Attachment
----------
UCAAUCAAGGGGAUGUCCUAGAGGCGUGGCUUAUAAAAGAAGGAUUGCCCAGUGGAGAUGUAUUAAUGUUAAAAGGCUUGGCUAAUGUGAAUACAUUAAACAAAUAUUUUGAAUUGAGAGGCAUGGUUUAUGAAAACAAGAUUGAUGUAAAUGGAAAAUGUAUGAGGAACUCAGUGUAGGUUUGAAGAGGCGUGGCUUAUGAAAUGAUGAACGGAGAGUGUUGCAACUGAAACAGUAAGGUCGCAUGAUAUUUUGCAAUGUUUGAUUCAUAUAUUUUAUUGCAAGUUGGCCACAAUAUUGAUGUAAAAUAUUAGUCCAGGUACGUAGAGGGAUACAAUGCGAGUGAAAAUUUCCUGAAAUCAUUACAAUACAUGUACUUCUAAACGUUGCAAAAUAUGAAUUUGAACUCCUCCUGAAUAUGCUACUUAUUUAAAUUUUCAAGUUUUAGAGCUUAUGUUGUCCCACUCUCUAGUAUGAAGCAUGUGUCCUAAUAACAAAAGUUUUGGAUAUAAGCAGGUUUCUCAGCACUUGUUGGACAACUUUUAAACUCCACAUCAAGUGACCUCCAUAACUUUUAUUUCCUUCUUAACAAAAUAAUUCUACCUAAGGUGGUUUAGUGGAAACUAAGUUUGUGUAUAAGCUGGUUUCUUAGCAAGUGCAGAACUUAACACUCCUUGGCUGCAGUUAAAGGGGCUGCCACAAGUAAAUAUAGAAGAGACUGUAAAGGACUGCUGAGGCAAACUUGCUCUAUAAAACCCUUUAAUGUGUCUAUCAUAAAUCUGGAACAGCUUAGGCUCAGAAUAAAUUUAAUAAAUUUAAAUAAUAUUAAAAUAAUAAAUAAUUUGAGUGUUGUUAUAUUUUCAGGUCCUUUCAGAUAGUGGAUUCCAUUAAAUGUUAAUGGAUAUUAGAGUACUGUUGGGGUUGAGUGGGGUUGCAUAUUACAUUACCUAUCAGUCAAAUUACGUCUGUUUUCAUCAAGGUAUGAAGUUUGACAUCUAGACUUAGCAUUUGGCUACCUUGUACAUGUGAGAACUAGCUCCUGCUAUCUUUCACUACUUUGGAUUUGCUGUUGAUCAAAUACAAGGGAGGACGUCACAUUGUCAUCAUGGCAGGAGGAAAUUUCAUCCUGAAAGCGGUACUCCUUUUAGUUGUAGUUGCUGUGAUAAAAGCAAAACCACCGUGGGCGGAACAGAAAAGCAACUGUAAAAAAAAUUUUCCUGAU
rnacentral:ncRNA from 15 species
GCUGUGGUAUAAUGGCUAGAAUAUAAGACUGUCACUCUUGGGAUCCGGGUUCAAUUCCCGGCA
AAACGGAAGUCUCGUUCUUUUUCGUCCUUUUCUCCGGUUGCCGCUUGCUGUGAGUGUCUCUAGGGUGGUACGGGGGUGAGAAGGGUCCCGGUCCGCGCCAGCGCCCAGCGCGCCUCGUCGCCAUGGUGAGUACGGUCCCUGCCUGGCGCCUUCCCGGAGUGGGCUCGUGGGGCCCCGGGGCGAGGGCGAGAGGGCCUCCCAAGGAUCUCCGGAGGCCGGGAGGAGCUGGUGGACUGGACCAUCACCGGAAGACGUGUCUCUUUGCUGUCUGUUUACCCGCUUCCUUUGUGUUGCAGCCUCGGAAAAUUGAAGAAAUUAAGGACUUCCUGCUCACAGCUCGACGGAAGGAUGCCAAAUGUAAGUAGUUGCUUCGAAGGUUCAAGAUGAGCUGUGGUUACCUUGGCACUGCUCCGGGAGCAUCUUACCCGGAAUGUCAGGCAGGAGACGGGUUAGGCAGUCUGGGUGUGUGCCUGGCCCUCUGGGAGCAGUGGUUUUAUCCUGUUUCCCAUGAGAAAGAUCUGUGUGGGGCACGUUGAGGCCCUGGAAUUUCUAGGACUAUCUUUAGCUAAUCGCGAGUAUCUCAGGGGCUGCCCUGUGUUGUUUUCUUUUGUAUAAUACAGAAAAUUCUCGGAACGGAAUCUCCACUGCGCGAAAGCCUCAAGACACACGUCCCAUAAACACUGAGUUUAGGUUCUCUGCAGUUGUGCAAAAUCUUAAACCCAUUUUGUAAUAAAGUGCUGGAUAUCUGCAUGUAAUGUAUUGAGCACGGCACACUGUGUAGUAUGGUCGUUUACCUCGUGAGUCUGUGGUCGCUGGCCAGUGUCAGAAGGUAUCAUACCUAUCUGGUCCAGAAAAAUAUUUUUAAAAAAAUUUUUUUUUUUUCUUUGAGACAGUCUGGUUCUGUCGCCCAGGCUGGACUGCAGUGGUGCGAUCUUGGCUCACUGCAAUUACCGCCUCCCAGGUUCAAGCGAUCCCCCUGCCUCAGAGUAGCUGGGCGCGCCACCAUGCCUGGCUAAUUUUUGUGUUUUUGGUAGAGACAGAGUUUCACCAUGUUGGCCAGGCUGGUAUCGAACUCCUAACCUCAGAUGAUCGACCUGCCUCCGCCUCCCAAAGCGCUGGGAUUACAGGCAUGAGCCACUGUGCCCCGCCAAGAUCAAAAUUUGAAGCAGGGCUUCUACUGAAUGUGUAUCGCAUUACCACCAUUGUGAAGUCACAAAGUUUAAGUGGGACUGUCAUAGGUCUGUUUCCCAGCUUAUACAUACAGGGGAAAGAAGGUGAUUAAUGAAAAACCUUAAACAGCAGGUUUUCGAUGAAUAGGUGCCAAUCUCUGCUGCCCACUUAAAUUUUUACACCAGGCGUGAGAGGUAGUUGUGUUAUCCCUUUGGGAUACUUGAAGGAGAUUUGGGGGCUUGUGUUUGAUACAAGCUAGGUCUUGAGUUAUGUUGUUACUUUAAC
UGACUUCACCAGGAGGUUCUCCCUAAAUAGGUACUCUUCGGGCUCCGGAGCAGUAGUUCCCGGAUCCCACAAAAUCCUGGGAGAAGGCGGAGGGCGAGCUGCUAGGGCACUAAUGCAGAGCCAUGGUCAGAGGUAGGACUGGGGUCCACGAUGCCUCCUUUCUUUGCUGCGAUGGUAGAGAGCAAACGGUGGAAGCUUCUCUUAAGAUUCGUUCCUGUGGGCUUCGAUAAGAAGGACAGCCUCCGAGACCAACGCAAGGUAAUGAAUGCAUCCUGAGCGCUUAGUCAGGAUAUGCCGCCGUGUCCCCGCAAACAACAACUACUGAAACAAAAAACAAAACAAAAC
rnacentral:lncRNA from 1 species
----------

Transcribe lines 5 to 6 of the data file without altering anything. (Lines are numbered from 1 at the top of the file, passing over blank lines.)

UGACUUCACCAGGAGGUUCUCCCUAAAUAGGUACUCUUCGGGCUCCGGAGCAGUAGUUCCCGGAUCCCACAAAAUCCUGGGAGAAGGCGGAGGGCGAGCUGCUAGGGCACUAAUGCAGAGCCAUGGUCAGAGGUAGGACUGGGGUCCACGAUGCCUCCUUUCUUUGCUGCGAUGGUAGAGAGCAAACGGUGGAAGCUUCUCUUAAGAUUCGUUCCUGUGGGCUUCGAUAAGAAGGACAGCCUCCGAGACCAACGCAAGGUAAUGAAUGCAUCCUGAGCGCUUAGUCAGGAUAUGCCGCCGUGUCCCCGCAAACAACAACUACUGAAACAAAAAACAAAACAAAAC
rnacentral:lncRNA from 1 species